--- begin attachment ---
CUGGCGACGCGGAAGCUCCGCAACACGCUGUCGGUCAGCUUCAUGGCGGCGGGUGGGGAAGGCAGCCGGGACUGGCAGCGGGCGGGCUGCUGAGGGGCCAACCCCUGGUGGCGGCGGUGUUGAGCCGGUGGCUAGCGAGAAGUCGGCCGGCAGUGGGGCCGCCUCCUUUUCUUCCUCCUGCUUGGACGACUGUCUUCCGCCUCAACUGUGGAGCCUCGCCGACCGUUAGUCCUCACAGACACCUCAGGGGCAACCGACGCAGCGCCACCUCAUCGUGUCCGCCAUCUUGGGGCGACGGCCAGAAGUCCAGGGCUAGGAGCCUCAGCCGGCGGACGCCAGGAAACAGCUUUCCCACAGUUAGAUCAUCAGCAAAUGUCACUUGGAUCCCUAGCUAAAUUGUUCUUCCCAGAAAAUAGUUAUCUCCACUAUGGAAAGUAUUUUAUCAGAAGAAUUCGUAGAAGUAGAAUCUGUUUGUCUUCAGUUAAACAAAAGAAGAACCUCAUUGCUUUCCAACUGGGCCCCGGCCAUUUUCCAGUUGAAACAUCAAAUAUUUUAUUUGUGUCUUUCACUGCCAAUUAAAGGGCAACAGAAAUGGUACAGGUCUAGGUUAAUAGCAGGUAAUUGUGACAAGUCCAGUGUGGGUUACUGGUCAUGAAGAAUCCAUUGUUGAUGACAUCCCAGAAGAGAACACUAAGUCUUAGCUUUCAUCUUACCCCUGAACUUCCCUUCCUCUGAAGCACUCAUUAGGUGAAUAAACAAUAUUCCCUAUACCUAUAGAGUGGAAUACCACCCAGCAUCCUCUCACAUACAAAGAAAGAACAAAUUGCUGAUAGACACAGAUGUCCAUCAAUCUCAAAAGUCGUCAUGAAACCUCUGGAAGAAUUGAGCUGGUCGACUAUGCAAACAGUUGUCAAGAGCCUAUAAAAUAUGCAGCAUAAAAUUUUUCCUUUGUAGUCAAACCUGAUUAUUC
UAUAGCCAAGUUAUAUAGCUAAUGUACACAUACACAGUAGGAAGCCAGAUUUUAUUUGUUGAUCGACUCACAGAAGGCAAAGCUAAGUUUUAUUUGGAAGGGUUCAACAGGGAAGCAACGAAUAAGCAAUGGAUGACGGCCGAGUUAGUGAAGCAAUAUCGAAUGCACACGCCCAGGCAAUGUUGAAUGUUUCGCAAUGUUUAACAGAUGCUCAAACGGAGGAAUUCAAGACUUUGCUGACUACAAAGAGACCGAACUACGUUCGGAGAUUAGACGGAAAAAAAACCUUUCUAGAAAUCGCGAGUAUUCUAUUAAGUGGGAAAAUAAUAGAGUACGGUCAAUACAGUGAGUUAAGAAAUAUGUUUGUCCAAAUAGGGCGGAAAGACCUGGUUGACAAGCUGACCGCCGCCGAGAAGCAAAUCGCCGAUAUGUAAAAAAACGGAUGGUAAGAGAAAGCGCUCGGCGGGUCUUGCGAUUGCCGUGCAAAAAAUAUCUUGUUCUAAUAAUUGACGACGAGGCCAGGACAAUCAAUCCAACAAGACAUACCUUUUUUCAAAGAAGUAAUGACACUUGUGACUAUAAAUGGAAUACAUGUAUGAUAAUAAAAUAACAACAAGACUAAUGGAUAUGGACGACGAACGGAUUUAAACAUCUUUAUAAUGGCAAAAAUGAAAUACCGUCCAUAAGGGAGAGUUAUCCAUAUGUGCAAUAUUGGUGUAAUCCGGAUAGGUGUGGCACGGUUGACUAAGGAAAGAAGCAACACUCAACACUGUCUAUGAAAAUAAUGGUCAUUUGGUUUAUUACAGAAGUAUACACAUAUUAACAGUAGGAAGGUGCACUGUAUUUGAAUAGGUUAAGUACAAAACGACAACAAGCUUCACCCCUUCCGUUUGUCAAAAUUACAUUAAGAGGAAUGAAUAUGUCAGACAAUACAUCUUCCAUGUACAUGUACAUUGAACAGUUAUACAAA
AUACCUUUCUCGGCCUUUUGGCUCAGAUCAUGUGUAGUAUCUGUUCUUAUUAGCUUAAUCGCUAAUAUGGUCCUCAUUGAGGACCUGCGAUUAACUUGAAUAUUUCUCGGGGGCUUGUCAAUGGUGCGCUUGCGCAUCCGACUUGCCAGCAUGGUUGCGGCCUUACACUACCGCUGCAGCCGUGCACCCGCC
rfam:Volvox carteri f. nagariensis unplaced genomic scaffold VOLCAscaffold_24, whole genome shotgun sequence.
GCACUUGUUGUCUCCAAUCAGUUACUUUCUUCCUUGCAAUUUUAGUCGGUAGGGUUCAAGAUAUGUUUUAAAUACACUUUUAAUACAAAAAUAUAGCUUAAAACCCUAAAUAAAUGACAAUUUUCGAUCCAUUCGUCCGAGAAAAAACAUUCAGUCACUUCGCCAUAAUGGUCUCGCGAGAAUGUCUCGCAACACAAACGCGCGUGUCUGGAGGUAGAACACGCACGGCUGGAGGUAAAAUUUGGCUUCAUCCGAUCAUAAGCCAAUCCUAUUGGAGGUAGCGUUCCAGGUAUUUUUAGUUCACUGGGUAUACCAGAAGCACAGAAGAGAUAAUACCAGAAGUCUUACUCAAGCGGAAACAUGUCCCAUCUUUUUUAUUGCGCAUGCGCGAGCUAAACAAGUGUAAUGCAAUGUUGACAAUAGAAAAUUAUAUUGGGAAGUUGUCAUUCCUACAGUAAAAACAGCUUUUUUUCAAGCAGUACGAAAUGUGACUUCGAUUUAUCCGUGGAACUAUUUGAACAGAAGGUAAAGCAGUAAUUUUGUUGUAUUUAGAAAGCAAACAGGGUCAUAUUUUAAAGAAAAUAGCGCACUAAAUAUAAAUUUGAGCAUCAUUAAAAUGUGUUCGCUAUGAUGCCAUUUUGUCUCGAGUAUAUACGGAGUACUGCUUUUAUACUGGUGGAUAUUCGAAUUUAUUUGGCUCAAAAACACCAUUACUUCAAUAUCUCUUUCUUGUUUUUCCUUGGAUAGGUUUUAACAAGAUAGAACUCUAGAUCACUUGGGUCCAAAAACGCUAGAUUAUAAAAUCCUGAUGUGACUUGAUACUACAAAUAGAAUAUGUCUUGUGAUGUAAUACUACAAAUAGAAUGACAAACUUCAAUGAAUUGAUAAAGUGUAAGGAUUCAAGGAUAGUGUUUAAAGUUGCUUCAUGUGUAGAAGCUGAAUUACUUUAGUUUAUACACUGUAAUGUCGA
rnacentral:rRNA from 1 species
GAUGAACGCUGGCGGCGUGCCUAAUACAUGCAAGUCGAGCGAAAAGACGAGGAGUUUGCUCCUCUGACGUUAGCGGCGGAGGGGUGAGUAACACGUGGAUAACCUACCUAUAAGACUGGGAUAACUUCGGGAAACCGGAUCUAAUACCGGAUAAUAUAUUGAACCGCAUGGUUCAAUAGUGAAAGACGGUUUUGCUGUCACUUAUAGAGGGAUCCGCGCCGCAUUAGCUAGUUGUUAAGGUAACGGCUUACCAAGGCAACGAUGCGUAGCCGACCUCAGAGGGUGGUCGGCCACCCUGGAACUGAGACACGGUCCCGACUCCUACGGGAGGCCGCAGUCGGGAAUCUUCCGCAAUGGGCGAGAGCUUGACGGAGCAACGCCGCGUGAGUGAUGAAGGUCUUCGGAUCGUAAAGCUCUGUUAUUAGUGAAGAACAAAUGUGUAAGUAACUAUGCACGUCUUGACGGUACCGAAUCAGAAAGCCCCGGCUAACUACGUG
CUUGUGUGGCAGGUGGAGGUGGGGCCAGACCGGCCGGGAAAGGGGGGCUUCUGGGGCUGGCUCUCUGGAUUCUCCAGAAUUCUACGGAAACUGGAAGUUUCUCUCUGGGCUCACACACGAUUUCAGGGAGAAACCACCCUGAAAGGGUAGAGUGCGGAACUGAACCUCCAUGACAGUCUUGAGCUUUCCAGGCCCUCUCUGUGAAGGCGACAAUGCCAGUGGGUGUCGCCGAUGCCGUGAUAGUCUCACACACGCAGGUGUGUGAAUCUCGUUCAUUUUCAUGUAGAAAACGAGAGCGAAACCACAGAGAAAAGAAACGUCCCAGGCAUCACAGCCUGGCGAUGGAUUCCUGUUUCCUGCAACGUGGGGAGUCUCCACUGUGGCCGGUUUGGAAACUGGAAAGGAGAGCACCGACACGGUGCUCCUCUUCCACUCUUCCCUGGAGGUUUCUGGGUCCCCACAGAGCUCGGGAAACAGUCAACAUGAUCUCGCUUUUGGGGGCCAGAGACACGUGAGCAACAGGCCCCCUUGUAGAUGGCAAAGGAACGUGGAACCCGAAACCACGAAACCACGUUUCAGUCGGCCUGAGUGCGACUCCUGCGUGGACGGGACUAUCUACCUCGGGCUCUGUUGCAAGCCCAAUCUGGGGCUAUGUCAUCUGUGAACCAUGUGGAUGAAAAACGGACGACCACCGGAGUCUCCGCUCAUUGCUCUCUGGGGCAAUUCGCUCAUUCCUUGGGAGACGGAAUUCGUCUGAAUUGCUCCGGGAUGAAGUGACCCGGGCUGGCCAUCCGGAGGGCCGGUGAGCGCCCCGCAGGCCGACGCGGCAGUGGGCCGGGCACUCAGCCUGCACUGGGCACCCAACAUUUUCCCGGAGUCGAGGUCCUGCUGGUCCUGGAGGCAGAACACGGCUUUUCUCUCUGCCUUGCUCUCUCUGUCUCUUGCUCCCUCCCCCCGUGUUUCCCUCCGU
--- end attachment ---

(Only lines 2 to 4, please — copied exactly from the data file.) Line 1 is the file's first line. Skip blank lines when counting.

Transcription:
UAUAGCCAAGUUAUAUAGCUAAUGUACACAUACACAGUAGGAAGCCAGAUUUUAUUUGUUGAUCGACUCACAGAAGGCAAAGCUAAGUUUUAUUUGGAAGGGUUCAACAGGGAAGCAACGAAUAAGCAAUGGAUGACGGCCGAGUUAGUGAAGCAAUAUCGAAUGCACACGCCCAGGCAAUGUUGAAUGUUUCGCAAUGUUUAACAGAUGCUCAAACGGAGGAAUUCAAGACUUUGCUGACUACAAAGAGACCGAACUACGUUCGGAGAUUAGACGGAAAAAAAACCUUUCUAGAAAUCGCGAGUAUUCUAUUAAGUGGGAAAAUAAUAGAGUACGGUCAAUACAGUGAGUUAAGAAAUAUGUUUGUCCAAAUAGGGCGGAAAGACCUGGUUGACAAGCUGACCGCCGCCGAGAAGCAAAUCGCCGAUAUGUAAAAAAACGGAUGGUAAGAGAAAGCGCUCGGCGGGUCUUGCGAUUGCCGUGCAAAAAAUAUCUUGUUCUAAUAAUUGACGACGAGGCCAGGACAAUCAAUCCAACAAGACAUACCUUUUUUCAAAGAAGUAAUGACACUUGUGACUAUAAAUGGAAUACAUGUAUGAUAAUAAAAUAACAACAAGACUAAUGGAUAUGGACGACGAACGGAUUUAAACAUCUUUAUAAUGGCAAAAAUGAAAUACCGUCCAUAAGGGAGAGUUAUCCAUAUGUGCAAUAUUGGUGUAAUCCGGAUAGGUGUGGCACGGUUGACUAAGGAAAGAAGCAACACUCAACACUGUCUAUGAAAAUAAUGGUCAUUUGGUUUAUUACAGAAGUAUACACAUAUUAACAGUAGGAAGGUGCACUGUAUUUGAAUAGGUUAAGUACAAAACGACAACAAGCUUCACCCCUUCCGUUUGUCAAAAUUACAUUAAGAGGAAUGAAUAUGUCAGACAAUACAUCUUCCAUGUACAUGUACAUUGAACAGUUAUACAAA
AUACCUUUCUCGGCCUUUUGGCUCAGAUCAUGUGUAGUAUCUGUUCUUAUUAGCUUAAUCGCUAAUAUGGUCCUCAUUGAGGACCUGCGAUUAACUUGAAUAUUUCUCGGGGGCUUGUCAAUGGUGCGCUUGCGCAUCCGACUUGCCAGCAUGGUUGCGGCCUUACACUACCGCUGCAGCCGUGCACCCGCC
rfam:Volvox carteri f. nagariensis unplaced genomic scaffold VOLCAscaffold_24, whole genome shotgun sequence.